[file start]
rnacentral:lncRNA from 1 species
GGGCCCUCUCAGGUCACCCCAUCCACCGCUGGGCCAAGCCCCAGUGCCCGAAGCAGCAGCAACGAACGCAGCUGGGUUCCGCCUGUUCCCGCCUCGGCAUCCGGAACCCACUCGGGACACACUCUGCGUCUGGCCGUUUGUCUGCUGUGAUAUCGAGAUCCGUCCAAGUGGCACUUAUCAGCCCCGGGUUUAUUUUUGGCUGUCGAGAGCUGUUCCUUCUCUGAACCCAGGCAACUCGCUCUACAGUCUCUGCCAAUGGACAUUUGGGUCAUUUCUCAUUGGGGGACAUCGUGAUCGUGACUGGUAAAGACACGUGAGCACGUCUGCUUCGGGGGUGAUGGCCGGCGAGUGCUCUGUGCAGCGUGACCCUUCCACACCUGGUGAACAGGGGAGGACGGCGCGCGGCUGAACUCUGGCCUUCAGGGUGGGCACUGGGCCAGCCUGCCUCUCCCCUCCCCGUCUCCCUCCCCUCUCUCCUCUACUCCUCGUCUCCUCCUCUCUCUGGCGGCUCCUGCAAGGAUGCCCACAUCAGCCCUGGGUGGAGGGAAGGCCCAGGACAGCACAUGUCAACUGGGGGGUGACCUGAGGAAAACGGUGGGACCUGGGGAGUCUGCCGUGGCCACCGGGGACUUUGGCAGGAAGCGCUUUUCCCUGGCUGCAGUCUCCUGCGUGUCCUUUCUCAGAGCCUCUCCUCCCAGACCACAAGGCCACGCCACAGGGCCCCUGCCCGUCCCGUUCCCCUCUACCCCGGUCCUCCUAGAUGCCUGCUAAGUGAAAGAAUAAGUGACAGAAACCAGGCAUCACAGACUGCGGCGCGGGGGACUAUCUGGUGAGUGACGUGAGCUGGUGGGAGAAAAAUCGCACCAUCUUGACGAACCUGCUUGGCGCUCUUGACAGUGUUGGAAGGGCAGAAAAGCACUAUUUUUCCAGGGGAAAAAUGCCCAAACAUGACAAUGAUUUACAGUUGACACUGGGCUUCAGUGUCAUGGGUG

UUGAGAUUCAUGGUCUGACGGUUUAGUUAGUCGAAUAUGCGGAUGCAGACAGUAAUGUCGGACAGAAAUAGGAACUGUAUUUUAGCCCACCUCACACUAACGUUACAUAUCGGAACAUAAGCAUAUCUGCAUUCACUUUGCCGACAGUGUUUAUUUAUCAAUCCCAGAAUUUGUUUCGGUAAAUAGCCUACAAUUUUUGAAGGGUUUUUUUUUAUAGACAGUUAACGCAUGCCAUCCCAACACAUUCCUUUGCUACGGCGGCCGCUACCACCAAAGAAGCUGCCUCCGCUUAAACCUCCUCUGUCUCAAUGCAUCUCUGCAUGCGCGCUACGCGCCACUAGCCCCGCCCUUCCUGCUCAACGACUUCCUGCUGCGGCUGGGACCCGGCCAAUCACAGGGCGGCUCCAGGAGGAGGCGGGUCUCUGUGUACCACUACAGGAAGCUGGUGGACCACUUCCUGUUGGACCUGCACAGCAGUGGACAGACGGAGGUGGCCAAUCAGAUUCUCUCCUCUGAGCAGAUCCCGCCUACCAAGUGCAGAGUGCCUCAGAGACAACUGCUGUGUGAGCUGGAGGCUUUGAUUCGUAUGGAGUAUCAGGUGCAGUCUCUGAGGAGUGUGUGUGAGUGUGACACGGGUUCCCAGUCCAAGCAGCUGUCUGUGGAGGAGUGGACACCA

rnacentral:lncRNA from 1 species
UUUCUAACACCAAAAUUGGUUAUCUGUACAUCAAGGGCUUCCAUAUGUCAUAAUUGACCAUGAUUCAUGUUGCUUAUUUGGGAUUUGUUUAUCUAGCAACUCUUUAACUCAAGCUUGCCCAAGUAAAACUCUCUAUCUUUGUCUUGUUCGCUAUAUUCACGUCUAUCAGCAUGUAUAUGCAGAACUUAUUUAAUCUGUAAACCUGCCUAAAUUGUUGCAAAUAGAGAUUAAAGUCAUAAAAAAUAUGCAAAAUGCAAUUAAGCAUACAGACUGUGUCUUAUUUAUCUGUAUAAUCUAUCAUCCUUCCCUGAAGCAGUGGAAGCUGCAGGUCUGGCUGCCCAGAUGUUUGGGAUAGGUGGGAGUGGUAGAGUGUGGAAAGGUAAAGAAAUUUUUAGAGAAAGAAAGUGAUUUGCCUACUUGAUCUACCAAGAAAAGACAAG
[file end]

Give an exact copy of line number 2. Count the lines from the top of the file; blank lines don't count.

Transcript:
GGGCCCUCUCAGGUCACCCCAUCCACCGCUGGGCCAAGCCCCAGUGCCCGAAGCAGCAGCAACGAACGCAGCUGGGUUCCGCCUGUUCCCGCCUCGGCAUCCGGAACCCACUCGGGACACACUCUGCGUCUGGCCGUUUGUCUGCUGUGAUAUCGAGAUCCGUCCAAGUGGCACUUAUCAGCCCCGGGUUUAUUUUUGGCUGUCGAGAGCUGUUCCUUCUCUGAACCCAGGCAACUCGCUCUACAGUCUCUGCCAAUGGACAUUUGGGUCAUUUCUCAUUGGGGGACAUCGUGAUCGUGACUGGUAAAGACACGUGAGCACGUCUGCUUCGGGGGUGAUGGCCGGCGAGUGCUCUGUGCAGCGUGACCCUUCCACACCUGGUGAACAGGGGAGGACGGCGCGCGGCUGAACUCUGGCCUUCAGGGUGGGCACUGGGCCAGCCUGCCUCUCCCCUCCCCGUCUCCCUCCCCUCUCUCCUCUACUCCUCGUCUCCUCCUCUCUCUGGCGGCUCCUGCAAGGAUGCCCACAUCAGCCCUGGGUGGAGGGAAGGCCCAGGACAGCACAUGUCAACUGGGGGGUGACCUGAGGAAAACGGUGGGACCUGGGGAGUCUGCCGUGGCCACCGGGGACUUUGGCAGGAAGCGCUUUUCCCUGGCUGCAGUCUCCUGCGUGUCCUUUCUCAGAGCCUCUCCUCCCAGACCACAAGGCCACGCCACAGGGCCCCUGCCCGUCCCGUUCCCCUCUACCCCGGUCCUCCUAGAUGCCUGCUAAGUGAAAGAAUAAGUGACAGAAACCAGGCAUCACAGACUGCGGCGCGGGGGACUAUCUGGUGAGUGACGUGAGCUGGUGGGAGAAAAAUCGCACCAUCUUGACGAACCUGCUUGGCGCUCUUGACAGUGUUGGAAGGGCAGAAAAGCACUAUUUUUCCAGGGGAAAAAUGCCCAAACAUGACAAUGAUUUACAGUUGACACUGGGCUUCAGUGUCAUGGGUG